Researchers find it helps to sleep off a cold

February 15, 2019

Old advices for colds often involve sleep, and this may be true.  A good rest is said to impact immune responses – to internally fight germs and infections.

Researcher Stoyan Dimitrov of the University of Tubingen, Germany advises proper sleep to help the immune system fight off a cold; Dimitrov’s team have recently found out that sleep improves the activity of certain immune cells which battle infections, notably that of the T-cells.

The T-cells activate integrin, a sticky protein that adheres to an infected cell, thus destroying it.The German researchers studied cells from volunteers infected with cytomegalovirus (CMV), who already had antigen-specific T-cells against the virus.When patients’ T-cells were mixed with suspect hormones in test tubes, the T-cells’ ability to activate the sticky proteins dropped. The researchers believed that lack of sleep and prolonged stress lead to higher levels of these hormones,such as epinephrine, that might hinder the activation of integrin.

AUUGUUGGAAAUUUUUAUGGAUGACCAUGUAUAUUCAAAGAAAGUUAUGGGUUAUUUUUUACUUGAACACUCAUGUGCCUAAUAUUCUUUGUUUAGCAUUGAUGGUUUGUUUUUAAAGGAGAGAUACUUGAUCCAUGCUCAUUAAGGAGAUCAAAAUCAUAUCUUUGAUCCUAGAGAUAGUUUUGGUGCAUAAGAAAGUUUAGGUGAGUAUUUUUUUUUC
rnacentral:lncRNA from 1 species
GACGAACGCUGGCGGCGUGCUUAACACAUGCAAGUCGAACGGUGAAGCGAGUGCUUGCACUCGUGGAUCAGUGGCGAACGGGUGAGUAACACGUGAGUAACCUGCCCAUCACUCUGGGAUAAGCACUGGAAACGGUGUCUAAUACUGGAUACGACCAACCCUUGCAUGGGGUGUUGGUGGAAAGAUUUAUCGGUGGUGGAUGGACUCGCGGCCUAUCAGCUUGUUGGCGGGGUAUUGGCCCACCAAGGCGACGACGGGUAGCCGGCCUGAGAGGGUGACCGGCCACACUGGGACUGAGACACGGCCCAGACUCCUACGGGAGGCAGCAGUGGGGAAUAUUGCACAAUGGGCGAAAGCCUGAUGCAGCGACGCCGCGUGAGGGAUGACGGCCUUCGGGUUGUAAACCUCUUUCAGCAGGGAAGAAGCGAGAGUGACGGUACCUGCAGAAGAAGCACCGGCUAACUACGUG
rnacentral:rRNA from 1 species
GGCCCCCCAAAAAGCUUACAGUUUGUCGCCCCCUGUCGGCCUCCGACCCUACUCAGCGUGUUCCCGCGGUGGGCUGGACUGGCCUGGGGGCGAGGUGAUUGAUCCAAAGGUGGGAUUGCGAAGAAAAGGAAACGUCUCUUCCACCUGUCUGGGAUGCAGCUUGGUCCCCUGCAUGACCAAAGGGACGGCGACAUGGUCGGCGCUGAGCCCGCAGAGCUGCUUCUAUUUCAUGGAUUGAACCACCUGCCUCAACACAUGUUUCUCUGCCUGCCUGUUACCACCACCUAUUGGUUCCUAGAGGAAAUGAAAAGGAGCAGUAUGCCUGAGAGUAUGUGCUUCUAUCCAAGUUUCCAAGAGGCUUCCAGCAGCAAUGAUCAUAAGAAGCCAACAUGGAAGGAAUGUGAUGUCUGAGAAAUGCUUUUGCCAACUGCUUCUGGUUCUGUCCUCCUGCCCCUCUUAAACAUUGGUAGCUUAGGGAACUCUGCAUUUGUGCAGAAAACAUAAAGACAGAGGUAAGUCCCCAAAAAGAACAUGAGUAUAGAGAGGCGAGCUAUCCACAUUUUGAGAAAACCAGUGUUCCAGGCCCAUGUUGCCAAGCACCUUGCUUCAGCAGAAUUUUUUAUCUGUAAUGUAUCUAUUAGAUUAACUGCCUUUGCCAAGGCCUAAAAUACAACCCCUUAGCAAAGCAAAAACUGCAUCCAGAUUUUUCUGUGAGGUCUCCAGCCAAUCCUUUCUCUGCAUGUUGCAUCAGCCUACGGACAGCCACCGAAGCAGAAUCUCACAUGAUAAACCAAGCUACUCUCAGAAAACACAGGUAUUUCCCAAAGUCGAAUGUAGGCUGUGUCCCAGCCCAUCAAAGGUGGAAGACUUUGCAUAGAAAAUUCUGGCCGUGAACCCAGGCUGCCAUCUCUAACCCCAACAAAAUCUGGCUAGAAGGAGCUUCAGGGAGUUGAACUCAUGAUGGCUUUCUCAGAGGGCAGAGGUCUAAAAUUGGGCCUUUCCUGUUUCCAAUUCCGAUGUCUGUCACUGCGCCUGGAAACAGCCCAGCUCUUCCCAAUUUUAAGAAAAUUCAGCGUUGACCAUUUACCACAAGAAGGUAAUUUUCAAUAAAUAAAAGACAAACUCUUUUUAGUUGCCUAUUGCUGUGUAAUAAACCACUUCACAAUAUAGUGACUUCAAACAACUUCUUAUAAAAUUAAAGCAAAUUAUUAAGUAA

The levels of these hormones naturally decrease during sleep, so upon comparing T-cells collected on slumber-filled nights to those from sleepless nights, the researchers found that the levels of stress hormones were lower when volunteers were asleep than when awake. This meant the T-cells from sleeping nights had more infection-fighting integrin and were more potent, thus having better chances to fight viruses.

Dr. Louis De Palo, a professor of medicine, pulmonary, critical care and sleep medicine at the Icahn School of Medicine, New York City postulates that people who do not get quality or sufficient sleep are more likely to get sick easily, and the new study presents further immune-supportive effects of sleep.

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Category: Education, Features

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